The reason why the assassins are called Loopers is because sometimes the mob wants to terminate a contract with a Looper, in which case they send the future version of the person back in time to be killed. Why don’t they just send this person to another Looper to do the job? Wouldn’t that make things much less problematic? So this is called closing your loop, and when it happens, the target arrives with gold strapped to his back. this represents the final payment by the mob.


as if all of this wasn’t enough, there are also telekinetic abilities (TK) going on here. the idea there is that a small percent of the population has acquired the TK mutant gene and can move things with their mind, although it’s really just coins and they can really just levitate them above their hands a little bit. but there’s a reason for all this and it will come up as the film goes on. It’s like they say, if a gun appears in act 1, it better go off in act 3. Same thing here with the telekinetic stuff.


We don’t actually meet the future version of Joe, played by Bruce Willis, until at least a solid thirty minutes into the film. That’s because there is just so much setting up to do. There’s this future world and all of its rules and then there’s the character Joe, and what he does and what his life is like. Also in the first part of the film we watch as Joe’s friend, Seth (Paul Dano), a fellow Looper, tries to outrun the system. This is foreshadowing for what will be happening to Joe later on.


The point of the Seth story is to establish rules, like that if you do something to your past self than it effects your future self. Joe uses this as a clever way to send messages to his future self later on, but we already see that in Seth’s story earlier in the movie. Seth’s story is cool, but the problem is it is just a little too similar to Joe’s story, taking away some of the momentum from what will be happening later on.


One of the coolest parts of the film involves the future Joe appearing in the past without a hood, and then us following the events to figure out why this happened this way (all targets appear wearing hoods). We see it happen, and then we move through the years, all the way up until Bruce Willis is ready to go back in time. Then we see why he ended up without a hood on. We also get to see a couple of scenes that happened earlier, replayed from a different point of view. This happens for the scene where Willis pops up in the past and escapes, and also for the scene where Joe falls from a fire escape during an apartment getaway. These are some of the coolest moments in the movie.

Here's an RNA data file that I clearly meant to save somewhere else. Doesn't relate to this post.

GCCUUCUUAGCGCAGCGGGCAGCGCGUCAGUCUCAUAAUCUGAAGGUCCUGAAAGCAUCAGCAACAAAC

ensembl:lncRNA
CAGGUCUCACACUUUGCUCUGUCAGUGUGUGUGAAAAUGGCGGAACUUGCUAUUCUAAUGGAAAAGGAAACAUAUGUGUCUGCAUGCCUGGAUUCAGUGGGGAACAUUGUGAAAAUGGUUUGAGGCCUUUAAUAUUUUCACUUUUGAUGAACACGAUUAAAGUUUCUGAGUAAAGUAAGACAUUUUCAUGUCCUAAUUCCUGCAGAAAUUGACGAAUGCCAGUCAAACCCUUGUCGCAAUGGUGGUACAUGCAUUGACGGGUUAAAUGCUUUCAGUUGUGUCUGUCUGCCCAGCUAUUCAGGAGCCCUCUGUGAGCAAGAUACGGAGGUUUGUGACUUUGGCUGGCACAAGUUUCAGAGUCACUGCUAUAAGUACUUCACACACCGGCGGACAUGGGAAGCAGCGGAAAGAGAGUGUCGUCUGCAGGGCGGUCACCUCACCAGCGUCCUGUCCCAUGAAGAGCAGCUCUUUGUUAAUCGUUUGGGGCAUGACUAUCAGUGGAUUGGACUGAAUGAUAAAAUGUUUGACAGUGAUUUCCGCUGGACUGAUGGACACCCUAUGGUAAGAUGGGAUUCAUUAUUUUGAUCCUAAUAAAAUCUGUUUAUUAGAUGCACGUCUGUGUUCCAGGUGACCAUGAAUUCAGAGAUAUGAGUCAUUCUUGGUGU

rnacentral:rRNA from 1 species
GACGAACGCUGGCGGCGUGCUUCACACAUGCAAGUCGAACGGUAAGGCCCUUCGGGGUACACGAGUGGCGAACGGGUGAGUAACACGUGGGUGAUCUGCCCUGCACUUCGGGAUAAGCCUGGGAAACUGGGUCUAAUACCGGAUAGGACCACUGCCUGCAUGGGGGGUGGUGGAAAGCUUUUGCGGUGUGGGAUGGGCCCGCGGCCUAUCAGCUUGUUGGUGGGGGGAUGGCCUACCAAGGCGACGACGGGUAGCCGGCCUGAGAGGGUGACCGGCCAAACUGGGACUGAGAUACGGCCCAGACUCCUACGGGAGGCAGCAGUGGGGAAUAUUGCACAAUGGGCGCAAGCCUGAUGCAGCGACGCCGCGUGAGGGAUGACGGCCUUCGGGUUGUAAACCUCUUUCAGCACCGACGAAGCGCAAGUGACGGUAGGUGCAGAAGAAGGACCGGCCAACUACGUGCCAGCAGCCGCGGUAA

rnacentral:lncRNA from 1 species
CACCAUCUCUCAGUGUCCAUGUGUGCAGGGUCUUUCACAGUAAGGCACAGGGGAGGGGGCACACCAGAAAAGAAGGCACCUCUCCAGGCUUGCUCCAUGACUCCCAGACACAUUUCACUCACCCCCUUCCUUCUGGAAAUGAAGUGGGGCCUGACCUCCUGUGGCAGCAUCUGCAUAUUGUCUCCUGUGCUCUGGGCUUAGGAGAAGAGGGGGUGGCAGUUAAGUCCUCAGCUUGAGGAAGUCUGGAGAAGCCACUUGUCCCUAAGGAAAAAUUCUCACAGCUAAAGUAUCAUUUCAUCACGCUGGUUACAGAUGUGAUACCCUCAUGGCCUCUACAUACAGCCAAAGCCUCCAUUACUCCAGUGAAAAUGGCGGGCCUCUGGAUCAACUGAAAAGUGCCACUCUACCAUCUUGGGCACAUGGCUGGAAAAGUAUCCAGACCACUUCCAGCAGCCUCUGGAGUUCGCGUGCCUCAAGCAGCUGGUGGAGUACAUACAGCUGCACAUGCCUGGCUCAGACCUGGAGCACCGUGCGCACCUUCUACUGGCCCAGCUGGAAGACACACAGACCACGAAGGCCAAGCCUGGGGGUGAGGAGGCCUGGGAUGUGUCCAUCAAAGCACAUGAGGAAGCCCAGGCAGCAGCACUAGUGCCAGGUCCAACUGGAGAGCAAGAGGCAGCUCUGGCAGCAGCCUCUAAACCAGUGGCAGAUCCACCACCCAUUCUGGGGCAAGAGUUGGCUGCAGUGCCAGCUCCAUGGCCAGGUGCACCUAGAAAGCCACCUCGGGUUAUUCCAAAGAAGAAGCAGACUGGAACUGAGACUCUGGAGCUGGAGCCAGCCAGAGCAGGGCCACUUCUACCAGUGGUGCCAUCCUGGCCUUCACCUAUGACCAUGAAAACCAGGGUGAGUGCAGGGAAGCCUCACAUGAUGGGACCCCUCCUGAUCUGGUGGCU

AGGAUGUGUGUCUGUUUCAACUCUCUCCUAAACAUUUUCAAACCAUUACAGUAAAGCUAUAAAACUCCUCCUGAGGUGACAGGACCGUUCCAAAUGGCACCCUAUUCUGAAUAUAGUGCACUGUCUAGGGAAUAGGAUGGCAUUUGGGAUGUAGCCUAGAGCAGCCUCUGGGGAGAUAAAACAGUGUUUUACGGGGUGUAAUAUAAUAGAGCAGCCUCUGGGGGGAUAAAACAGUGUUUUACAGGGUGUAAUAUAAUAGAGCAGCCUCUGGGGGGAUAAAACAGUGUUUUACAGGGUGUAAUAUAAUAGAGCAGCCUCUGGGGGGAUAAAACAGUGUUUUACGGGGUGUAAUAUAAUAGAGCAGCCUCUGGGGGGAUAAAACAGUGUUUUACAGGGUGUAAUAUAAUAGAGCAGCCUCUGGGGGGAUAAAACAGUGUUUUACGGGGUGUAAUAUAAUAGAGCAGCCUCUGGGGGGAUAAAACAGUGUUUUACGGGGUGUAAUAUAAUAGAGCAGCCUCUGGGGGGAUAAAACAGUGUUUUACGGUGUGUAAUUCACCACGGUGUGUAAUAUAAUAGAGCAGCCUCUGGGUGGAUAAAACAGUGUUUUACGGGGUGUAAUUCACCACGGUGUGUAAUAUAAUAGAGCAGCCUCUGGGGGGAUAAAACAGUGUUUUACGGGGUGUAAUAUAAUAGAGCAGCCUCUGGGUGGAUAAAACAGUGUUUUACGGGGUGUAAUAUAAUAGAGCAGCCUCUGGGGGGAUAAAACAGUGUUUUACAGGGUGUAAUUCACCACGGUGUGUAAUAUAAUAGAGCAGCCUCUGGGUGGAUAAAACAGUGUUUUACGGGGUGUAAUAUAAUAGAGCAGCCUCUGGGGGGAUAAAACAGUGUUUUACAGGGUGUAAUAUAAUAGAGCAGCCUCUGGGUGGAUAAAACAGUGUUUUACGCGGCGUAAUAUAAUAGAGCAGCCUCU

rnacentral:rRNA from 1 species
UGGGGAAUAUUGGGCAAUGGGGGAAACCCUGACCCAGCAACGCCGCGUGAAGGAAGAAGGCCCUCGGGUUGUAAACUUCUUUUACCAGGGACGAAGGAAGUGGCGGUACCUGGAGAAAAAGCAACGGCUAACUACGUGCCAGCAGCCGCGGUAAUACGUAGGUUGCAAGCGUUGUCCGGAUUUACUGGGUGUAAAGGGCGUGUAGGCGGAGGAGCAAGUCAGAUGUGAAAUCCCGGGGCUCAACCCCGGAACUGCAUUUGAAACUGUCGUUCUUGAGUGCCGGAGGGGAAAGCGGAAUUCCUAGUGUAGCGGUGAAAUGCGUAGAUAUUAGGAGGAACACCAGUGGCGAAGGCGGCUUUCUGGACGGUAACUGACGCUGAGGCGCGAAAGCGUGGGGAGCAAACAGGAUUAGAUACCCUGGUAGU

Looper is definitely cool, and it’s mainly because of all its ideas. Just look at the motorcycle-like hubber craft some characters ride through the air, or the giant air gun rifles they fire. Despite the ideas however, the movie definitely has some major missteps. One is that the main villain of the film is killed off screen. I was angry when no country for old men did something like that, but here it’s even worse since the character is really our only villain. Another problem is that sometimes the movie just feels kind of slow, when it really shouldn’t. There’s a lot of time spent on the farm in the second half, and not enough spent with villain Jeff Daniels. Another scene to show how bad he was or another action scene somewhere could have really made a difference. Still, there are many cool twists and developments as the film goes on and this movie is definitely smart and creative.